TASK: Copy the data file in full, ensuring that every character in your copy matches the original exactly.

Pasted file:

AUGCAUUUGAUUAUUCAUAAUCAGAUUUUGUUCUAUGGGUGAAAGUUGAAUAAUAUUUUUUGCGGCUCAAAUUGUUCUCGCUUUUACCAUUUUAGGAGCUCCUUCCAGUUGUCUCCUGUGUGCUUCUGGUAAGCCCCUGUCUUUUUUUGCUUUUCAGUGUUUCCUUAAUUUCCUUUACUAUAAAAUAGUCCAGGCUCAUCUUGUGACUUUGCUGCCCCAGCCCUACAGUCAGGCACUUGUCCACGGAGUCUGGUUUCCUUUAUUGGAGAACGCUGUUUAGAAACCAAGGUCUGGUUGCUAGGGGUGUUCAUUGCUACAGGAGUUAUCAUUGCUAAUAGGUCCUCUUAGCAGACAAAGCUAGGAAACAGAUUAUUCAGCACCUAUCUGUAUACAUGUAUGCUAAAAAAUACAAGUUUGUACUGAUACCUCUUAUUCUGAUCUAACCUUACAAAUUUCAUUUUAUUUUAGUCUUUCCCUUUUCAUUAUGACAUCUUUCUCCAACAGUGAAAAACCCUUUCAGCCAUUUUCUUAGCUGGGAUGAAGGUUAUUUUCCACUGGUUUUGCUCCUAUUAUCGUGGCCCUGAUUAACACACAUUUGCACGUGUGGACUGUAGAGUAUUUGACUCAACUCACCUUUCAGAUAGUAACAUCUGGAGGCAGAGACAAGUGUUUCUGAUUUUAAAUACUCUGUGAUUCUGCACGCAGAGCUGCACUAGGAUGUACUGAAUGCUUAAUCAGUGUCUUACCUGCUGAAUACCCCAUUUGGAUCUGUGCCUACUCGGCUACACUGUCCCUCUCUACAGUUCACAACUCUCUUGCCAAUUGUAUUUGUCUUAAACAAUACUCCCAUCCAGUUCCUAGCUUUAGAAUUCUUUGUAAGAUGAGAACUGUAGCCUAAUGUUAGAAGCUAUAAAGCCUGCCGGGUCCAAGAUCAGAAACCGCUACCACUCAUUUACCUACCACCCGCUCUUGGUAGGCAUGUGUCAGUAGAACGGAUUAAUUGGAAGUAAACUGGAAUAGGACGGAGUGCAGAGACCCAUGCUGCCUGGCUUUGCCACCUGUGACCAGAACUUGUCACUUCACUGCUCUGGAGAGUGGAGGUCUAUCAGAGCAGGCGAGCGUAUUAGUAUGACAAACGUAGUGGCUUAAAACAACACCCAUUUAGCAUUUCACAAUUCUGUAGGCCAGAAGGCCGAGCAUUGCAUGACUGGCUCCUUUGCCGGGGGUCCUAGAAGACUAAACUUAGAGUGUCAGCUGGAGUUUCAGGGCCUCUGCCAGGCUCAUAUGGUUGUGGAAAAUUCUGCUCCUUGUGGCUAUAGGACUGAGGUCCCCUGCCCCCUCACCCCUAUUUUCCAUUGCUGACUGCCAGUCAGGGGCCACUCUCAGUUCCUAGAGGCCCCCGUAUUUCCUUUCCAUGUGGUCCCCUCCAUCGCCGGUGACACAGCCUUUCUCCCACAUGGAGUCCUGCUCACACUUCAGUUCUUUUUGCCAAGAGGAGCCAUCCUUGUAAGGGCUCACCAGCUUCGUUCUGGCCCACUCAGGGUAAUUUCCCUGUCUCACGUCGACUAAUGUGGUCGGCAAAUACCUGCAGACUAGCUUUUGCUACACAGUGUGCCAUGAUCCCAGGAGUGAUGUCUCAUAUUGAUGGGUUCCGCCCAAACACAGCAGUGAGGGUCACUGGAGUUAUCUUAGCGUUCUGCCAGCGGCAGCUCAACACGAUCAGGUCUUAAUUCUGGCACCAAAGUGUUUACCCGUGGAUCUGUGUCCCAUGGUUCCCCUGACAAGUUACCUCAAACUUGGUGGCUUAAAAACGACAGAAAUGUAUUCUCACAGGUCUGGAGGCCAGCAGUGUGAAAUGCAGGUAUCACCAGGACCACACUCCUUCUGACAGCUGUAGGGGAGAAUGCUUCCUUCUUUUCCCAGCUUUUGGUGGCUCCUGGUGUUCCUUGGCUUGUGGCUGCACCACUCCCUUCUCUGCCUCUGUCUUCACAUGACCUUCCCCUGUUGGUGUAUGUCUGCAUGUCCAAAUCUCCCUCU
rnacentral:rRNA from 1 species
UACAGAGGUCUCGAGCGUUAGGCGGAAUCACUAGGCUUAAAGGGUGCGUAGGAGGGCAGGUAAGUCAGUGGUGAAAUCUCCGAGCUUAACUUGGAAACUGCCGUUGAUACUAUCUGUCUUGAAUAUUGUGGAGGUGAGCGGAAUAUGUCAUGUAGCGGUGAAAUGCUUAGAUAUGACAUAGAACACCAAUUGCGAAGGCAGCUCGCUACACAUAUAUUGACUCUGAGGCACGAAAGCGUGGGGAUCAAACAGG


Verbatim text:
AUGCAUUUGAUUAUUCAUAAUCAGAUUUUGUUCUAUGGGUGAAAGUUGAAUAAUAUUUUUUGCGGCUCAAAUUGUUCUCGCUUUUACCAUUUUAGGAGCUCCUUCCAGUUGUCUCCUGUGUGCUUCUGGUAAGCCCCUGUCUUUUUUUGCUUUUCAGUGUUUCCUUAAUUUCCUUUACUAUAAAAUAGUCCAGGCUCAUCUUGUGACUUUGCUGCCCCAGCCCUACAGUCAGGCACUUGUCCACGGAGUCUGGUUUCCUUUAUUGGAGAACGCUGUUUAGAAACCAAGGUCUGGUUGCUAGGGGUGUUCAUUGCUACAGGAGUUAUCAUUGCUAAUAGGUCCUCUUAGCAGACAAAGCUAGGAAACAGAUUAUUCAGCACCUAUCUGUAUACAUGUAUGCUAAAAAAUACAAGUUUGUACUGAUACCUCUUAUUCUGAUCUAACCUUACAAAUUUCAUUUUAUUUUAGUCUUUCCCUUUUCAUUAUGACAUCUUUCUCCAACAGUGAAAAACCCUUUCAGCCAUUUUCUUAGCUGGGAUGAAGGUUAUUUUCCACUGGUUUUGCUCCUAUUAUCGUGGCCCUGAUUAACACACAUUUGCACGUGUGGACUGUAGAGUAUUUGACUCAACUCACCUUUCAGAUAGUAACAUCUGGAGGCAGAGACAAGUGUUUCUGAUUUUAAAUACUCUGUGAUUCUGCACGCAGAGCUGCACUAGGAUGUACUGAAUGCUUAAUCAGUGUCUUACCUGCUGAAUACCCCAUUUGGAUCUGUGCCUACUCGGCUACACUGUCCCUCUCUACAGUUCACAACUCUCUUGCCAAUUGUAUUUGUCUUAAACAAUACUCCCAUCCAGUUCCUAGCUUUAGAAUUCUUUGUAAGAUGAGAACUGUAGCCUAAUGUUAGAAGCUAUAAAGCCUGCCGGGUCCAAGAUCAGAAACCGCUACCACUCAUUUACCUACCACCCGCUCUUGGUAGGCAUGUGUCAGUAGAACGGAUUAAUUGGAAGUAAACUGGAAUAGGACGGAGUGCAGAGACCCAUGCUGCCUGGCUUUGCCACCUGUGACCAGAACUUGUCACUUCACUGCUCUGGAGAGUGGAGGUCUAUCAGAGCAGGCGAGCGUAUUAGUAUGACAAACGUAGUGGCUUAAAACAACACCCAUUUAGCAUUUCACAAUUCUGUAGGCCAGAAGGCCGAGCAUUGCAUGACUGGCUCCUUUGCCGGGGGUCCUAGAAGACUAAACUUAGAGUGUCAGCUGGAGUUUCAGGGCCUCUGCCAGGCUCAUAUGGUUGUGGAAAAUUCUGCUCCUUGUGGCUAUAGGACUGAGGUCCCCUGCCCCCUCACCCCUAUUUUCCAUUGCUGACUGCCAGUCAGGGGCCACUCUCAGUUCCUAGAGGCCCCCGUAUUUCCUUUCCAUGUGGUCCCCUCCAUCGCCGGUGACACAGCCUUUCUCCCACAUGGAGUCCUGCUCACACUUCAGUUCUUUUUGCCAAGAGGAGCCAUCCUUGUAAGGGCUCACCAGCUUCGUUCUGGCCCACUCAGGGUAAUUUCCCUGUCUCACGUCGACUAAUGUGGUCGGCAAAUACCUGCAGACUAGCUUUUGCUACACAGUGUGCCAUGAUCCCAGGAGUGAUGUCUCAUAUUGAUGGGUUCCGCCCAAACACAGCAGUGAGGGUCACUGGAGUUAUCUUAGCGUUCUGCCAGCGGCAGCUCAACACGAUCAGGUCUUAAUUCUGGCACCAAAGUGUUUACCCGUGGAUCUGUGUCCCAUGGUUCCCCUGACAAGUUACCUCAAACUUGGUGGCUUAAAAACGACAGAAAUGUAUUCUCACAGGUCUGGAGGCCAGCAGUGUGAAAUGCAGGUAUCACCAGGACCACACUCCUUCUGACAGCUGUAGGGGAGAAUGCUUCCUUCUUUUCCCAGCUUUUGGUGGCUCCUGGUGUUCCUUGGCUUGUGGCUGCACCACUCCCUUCUCUGCCUCUGUCUUCACAUGACCUUCCCCUGUUGGUGUAUGUCUGCAUGUCCAAAUCUCCCUCU
rnacentral:rRNA from 1 species
UACAGAGGUCUCGAGCGUUAGGCGGAAUCACUAGGCUUAAAGGGUGCGUAGGAGGGCAGGUAAGUCAGUGGUGAAAUCUCCGAGCUUAACUUGGAAACUGCCGUUGAUACUAUCUGUCUUGAAUAUUGUGGAGGUGAGCGGAAUAUGUCAUGUAGCGGUGAAAUGCUUAGAUAUGACAUAGAACACCAAUUGCGAAGGCAGCUCGCUACACAUAUAUUGACUCUGAGGCACGAAAGCGUGGGGAUCAAACAGG